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Home >  Teams    > Structure and Reactivity Team for Paramagnetic Species (SREP)
Resp. Olivier Ouari

Detailed description of the SREP team

by webmestre - published on , updated on

Scientific positioning

The SREP team is working on the development of new mainly covalent radical structures in order to understand and take advantage of their unique physicochemical properties. The main field of research is based on the synthesis of free radicals (mono- and polyradical) of nitroxide type but also diamagnetic traps of nitrone type producing diagnostic radical adducts of the presence of free radicals with very short life.
The presence of one or more single electron (s) is at the origin of the paramagnetic nature of these molecules which are studied by Electron Paramagnetic Resonance (EPR). Previously, the particular properties of the unpaired electron of the aminoxyl (nitroxide) function have led to many applications in a wide range of research areas. We believe that by fine tuning the molecular and supramolecular structures of these radicals, some current limitations can be overcome and new functions will be available.
The ultimate purpose of our research is to discover new structures and functions mainly based on nitroxides and to implement them to access new devices in which the magnetic nature of the free radical can be controlled for advanced applications such as in (i) spin trapping, (ii) paramagnetic sounding, (iii) spin labeling or (iv) Nuclear Dynamic Polarization (NDP).
 
Nitroxides and dinitroxides in nuclear dynamic polarization (NDP) for NMR

Since 2005, our team is involved in several projects focused on research in PDN. The aim of these projects is to explore new high resolution NMR methods using the Dynamic Nuclear Polarization (DNP) effect which has been shown to improve the detection sensitivity of Nuclear Magnetic Resonance by several orders of magnitude (NMR).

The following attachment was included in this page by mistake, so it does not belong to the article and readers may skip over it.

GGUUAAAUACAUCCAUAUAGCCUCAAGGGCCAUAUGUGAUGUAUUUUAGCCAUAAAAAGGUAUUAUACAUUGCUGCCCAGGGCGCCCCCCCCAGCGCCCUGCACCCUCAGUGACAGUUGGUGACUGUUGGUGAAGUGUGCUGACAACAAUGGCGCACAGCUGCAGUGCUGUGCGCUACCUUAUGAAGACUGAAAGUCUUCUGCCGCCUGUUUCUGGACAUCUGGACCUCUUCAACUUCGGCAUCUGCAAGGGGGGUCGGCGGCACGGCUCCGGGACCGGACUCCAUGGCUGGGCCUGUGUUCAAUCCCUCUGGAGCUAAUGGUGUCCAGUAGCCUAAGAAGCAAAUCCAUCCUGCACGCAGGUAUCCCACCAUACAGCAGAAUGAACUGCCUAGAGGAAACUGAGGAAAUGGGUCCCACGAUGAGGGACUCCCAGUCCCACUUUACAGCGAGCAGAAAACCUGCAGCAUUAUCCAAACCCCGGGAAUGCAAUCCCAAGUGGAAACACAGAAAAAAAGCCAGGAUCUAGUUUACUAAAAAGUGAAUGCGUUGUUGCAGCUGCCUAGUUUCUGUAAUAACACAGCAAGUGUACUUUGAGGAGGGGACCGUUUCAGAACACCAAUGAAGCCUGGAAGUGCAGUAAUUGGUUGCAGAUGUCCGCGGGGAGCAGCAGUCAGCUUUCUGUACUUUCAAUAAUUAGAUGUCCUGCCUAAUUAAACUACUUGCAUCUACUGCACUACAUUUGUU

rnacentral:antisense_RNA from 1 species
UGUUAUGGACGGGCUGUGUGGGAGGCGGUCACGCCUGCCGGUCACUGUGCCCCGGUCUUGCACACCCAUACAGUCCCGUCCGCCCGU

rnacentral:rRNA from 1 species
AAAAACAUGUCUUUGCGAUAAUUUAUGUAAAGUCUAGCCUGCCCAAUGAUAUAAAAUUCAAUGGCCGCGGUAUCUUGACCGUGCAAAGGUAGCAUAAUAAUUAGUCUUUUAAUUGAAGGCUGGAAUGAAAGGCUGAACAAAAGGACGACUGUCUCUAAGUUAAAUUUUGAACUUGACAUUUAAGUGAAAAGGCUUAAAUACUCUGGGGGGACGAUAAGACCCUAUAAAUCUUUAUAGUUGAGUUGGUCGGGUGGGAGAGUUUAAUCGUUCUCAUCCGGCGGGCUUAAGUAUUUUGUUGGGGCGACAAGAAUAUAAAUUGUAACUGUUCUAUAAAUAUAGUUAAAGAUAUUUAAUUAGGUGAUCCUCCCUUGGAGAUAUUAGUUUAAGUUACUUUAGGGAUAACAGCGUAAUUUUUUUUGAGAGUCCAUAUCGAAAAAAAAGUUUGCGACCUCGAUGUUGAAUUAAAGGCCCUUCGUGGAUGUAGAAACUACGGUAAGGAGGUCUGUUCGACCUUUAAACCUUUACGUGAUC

Our work is mainly devoted to the design and synthesis of new polarization agents that are tested in solid state and liquid NMR. Very promising results were obtained with biradical bTbK (based on two nitroxides of TEMPO type nitroxides) in HR-MAS DNP ssRMN. More recently, the development of TEKPol and AMUPol have further expanded the scope of PDN applications. In this context, we are interested at the synthesis and in RPE studies of mono-and polynitroxides.

Radical traps and spin trapping

For more than 25 years our team has been interested in spin trapping and has helped to discover some of the most successful families of radical traps. A better knowledge of the process of trapping and the improvement of the spin traps was thus able to see the day. Special attention has been devoted to improving (i) the lifetime of adducts from entrapment of the superoxide anion radical, (ii) the kinetics of entrapment of the superoxide radical; and (iii) the biodistribution of spin traps in biological systems.
Recently, a new approach has been developed for the protection of spin adducts against bioreductors by selective encapsulation in cyclodextrin-type macrocycles. We are also working on a better understanding of the degradation mechanisms of spin adducts and diversify our trap families by studying new hydroethidine type(HE) fluorescent probes.

Stable radical interface/supramolecular chemistry

Our efforts have also focused for some time on the synthesis of new architectures including nitroxides using the tools of macrocyclic chemistry and supramolecular chemistry. For example in the solid phase, new nitroxide crystals having a porous nature have been developed capable of encapsulating various products such as other radicals or even fullerenes. At the same time, we are studying the subtle relationships existing in the liquid phase between certain free radicals and various macrocycles of the cyclodextrin, cucurbituril, resorcinarene type or self-assembling systems such as certain low molecular weight peptides.